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Full Online Book HomeLong StoriesThomas Wingfold, Curate - Volume 2 - Chapter 21. Helen Alone
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Thomas Wingfold, Curate - Volume 2 - Chapter 21. Helen Alone Post by :holipsism Category :Long Stories Author :George Macdonald Date :May 2012 Read :3183

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Thomas Wingfold, Curate - Volume 2 - Chapter 21. Helen Alone

VOLUME II CHAPTER XXI. HELEN ALONE

Helen tottered to a little summer-house in the garden, which had been her best retreat since she had given her room to her brother, and there seated herself to regain breath and composure ere she went to him. She had sought the door of Paradise, and the door of hell had been opened to her! If the frightful idea which, she did not doubt, had already suggested itself to Leopold, should now be encouraged, there was nothing but black madness before her! Her Poldie on the scaffold! God in heaven! Infinitely rather would she poison herself and him! Then she remembered how pleased and consoled he had been when she said something about their dying together, and that reassured her a little: no, she was certain Leopold would never yield himself to public shame! But she must take care that foolish, extravagant curate should not come near him. There was no knowing to what he might persuade him! Poor Poldie was so easily led by any show of nobility--anything that looked grand or self-sacrificing!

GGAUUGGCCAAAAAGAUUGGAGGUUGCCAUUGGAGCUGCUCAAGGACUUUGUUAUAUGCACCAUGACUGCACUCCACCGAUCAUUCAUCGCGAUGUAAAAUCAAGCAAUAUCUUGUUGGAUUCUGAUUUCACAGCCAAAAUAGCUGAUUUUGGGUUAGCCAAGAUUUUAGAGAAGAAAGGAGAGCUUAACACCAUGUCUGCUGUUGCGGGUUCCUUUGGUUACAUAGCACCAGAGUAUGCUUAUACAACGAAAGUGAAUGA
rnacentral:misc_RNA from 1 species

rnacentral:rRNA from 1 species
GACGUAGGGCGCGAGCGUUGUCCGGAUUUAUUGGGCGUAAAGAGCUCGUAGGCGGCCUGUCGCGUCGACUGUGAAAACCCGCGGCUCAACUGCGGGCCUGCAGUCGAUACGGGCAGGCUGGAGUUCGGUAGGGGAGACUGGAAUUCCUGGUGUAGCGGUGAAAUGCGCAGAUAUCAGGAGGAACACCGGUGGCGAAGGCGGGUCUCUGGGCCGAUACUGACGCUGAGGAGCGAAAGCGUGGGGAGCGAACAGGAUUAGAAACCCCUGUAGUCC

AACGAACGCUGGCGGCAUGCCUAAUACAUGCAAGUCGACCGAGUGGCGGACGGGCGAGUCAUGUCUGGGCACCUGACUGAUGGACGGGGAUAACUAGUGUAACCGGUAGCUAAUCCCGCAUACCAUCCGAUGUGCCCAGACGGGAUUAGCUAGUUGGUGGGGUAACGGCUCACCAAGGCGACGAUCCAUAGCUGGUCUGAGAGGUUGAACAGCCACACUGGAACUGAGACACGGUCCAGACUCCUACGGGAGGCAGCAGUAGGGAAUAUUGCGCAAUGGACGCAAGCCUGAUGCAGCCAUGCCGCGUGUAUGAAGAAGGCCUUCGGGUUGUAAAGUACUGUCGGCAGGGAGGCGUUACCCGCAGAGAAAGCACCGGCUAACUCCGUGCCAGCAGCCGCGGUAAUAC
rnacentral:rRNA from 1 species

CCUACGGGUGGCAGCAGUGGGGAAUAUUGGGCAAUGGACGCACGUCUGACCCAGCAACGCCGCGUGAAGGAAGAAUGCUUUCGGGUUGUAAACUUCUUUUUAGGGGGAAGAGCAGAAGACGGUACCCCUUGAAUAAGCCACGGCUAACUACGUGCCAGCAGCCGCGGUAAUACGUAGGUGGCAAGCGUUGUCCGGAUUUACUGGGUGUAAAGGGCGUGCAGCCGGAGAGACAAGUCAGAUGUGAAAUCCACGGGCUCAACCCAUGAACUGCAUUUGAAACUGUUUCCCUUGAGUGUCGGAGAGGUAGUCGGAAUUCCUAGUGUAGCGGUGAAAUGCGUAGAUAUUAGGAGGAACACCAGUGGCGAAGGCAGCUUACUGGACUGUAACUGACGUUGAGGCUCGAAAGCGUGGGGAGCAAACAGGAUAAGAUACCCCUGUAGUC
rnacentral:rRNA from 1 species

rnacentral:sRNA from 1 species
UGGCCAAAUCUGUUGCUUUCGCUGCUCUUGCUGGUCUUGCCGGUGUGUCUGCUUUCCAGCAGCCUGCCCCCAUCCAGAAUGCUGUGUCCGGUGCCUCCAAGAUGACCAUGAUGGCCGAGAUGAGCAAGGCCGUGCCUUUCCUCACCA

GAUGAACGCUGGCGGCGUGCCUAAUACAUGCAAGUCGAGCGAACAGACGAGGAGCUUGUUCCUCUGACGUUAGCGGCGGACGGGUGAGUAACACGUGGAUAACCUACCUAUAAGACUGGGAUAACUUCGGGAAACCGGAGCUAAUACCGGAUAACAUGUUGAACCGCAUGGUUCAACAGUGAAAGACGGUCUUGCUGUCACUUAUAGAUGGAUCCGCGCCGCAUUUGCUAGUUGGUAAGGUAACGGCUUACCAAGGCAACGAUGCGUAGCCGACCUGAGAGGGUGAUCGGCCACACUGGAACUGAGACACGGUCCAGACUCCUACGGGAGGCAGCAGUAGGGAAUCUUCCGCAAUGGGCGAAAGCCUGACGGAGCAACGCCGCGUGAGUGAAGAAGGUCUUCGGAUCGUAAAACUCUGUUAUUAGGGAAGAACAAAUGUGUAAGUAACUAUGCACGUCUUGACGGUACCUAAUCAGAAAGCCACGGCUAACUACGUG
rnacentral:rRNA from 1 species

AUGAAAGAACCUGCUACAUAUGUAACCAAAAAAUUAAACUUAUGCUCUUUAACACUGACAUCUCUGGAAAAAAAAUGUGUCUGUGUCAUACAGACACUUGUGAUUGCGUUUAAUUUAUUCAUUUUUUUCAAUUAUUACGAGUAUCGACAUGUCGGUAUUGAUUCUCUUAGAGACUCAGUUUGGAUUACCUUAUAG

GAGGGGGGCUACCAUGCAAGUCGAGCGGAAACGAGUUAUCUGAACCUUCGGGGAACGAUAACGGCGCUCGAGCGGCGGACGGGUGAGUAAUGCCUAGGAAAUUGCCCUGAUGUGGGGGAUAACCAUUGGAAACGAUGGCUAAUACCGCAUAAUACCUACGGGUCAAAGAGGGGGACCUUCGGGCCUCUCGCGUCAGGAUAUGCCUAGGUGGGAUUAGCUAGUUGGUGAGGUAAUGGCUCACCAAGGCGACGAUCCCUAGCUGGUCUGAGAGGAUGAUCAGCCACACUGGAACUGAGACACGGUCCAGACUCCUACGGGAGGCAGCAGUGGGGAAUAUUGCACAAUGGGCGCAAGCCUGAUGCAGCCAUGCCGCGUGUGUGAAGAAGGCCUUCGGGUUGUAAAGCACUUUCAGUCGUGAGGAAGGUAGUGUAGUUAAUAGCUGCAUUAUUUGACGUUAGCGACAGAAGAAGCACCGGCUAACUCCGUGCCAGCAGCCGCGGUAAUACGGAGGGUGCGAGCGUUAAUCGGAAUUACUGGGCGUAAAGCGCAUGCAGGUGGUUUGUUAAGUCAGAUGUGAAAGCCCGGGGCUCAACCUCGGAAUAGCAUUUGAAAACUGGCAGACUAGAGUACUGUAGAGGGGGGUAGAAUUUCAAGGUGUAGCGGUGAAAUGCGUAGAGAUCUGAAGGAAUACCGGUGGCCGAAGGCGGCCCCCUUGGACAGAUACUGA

Helen's only knowledge of guilt came from the pale image of it lifted above her horizon by the refraction of her sympathy. She did not know, perhaps never would understand the ghastly horror of conscious guilt, besides which there is no evil else. Agonies of injury a man may endure, and, so far from being overwhelmed, rise above them tenfold a man, who, were he to awake to the self-knowledge of a crime, would sink into a heap of ruin. Then indeed, if there be no God, or one that has not an infinite power of setting right that which has gone wrong with his work, then indeed welcome the faith, for faith it may then be called, of such as say there is no hereafter! Helen did not know to what gulfs of personal shame, nay, to what summits of public execration, a man may be glad to flee for refuge from the fangs of home-born guilt--if so be there is any refuge to be found in either. And some kind of refuge there does seem to be. Strange it is and true that in publicity itself lies some relief from the gnawing of the worm--as if even a cursing humanity were a barrier of protection between the torn soul and its crime. It flees to its kind for shelter from itself. Hence, I imagine, in part, may the coolness of some criminals be accounted for. Their quietness is the relief brought by confession--even confession but to their fellows. Is it that the crime seems then lifted a little from their shoulders, and its weight shared by the ace?